Safeguarding the Arab world’s audiovisual heritage was the theme of an event organized yesterday by Qatar National Library, in cooperation with University College London – Qatar and the British Library-Qatar Foundation Partnership, to mark the World Day for Audiovisual Heritage.
“Before It Is Too Late: Protecting and Preserving Arab Audiovisual Heritage” emphasized the urgency of efforts to preserve the unique audiovisual heritage of Qatar and the Middle East on a large scale by finding collaborative solutions and sharing expertise.
Hazem Jamjoum, Gulf History Audio Curator and Cataloguer at the British Library, gave a firsthand account of one of the world’s largest and most ambitious audio digitization projects with the aim of generating a discussion on how such a model can be used to rescue the Arab audio heritage.
Qassem Mohammed Qassem, who attended the lecture, said: “I think it is very important that the Library is paying attention to the issue of audiovisual preservation. Much of our audiovisual heritage is at the risk of deterioration in the next 10 to 20 years and there is very little knowledge available about the methods for protecting these treasures. We need to find out what we have and how to preserve it so our future generations can access this rich cultural heritage. ”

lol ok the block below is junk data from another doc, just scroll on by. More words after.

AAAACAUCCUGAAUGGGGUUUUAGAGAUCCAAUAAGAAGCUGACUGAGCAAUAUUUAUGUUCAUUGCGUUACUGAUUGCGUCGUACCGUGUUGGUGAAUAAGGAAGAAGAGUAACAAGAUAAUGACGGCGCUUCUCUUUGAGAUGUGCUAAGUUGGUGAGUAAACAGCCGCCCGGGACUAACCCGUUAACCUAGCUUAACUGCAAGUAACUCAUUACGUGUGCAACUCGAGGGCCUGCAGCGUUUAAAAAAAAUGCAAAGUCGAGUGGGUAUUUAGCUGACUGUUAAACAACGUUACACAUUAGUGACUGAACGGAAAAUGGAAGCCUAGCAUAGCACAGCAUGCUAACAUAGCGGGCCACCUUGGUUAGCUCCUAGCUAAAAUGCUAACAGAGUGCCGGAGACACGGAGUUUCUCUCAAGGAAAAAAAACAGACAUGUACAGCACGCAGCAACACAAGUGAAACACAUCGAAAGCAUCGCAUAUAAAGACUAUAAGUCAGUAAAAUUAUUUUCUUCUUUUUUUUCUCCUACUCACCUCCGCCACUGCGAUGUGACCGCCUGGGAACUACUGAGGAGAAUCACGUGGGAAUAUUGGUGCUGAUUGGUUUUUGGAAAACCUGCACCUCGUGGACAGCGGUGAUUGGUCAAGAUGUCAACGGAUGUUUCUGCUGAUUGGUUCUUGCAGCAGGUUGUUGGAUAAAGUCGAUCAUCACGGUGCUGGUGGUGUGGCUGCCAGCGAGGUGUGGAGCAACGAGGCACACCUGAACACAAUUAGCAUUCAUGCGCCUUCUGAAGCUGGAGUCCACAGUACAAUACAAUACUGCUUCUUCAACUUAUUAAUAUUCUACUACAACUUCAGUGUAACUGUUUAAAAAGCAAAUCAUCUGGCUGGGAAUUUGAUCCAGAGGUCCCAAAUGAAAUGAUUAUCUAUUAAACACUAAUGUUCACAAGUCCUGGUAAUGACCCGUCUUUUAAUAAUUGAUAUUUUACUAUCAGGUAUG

A panel discussion featuring Shayya AlFadel, prominent Qatari TV and radio presenter; Abdul Salam Jadallah, presenter and head of the programs section at Sout Al Khaleej; and Pamela Erskine-Loftus, director of the Media Majlis at Northwestern University in Qatar, explored the challenges and opportunities for joint solutions for long-term preservation.
Another attendee, Abedulrahman Belhadj, said: “I am thankful to the Library for organizing such an informative event. It offered interesting insights about the challenges that people in the Gulf and the Middle East region face in terms of protecting our audiovisual heritage. Such lectures should continue to help us preserve these important items.”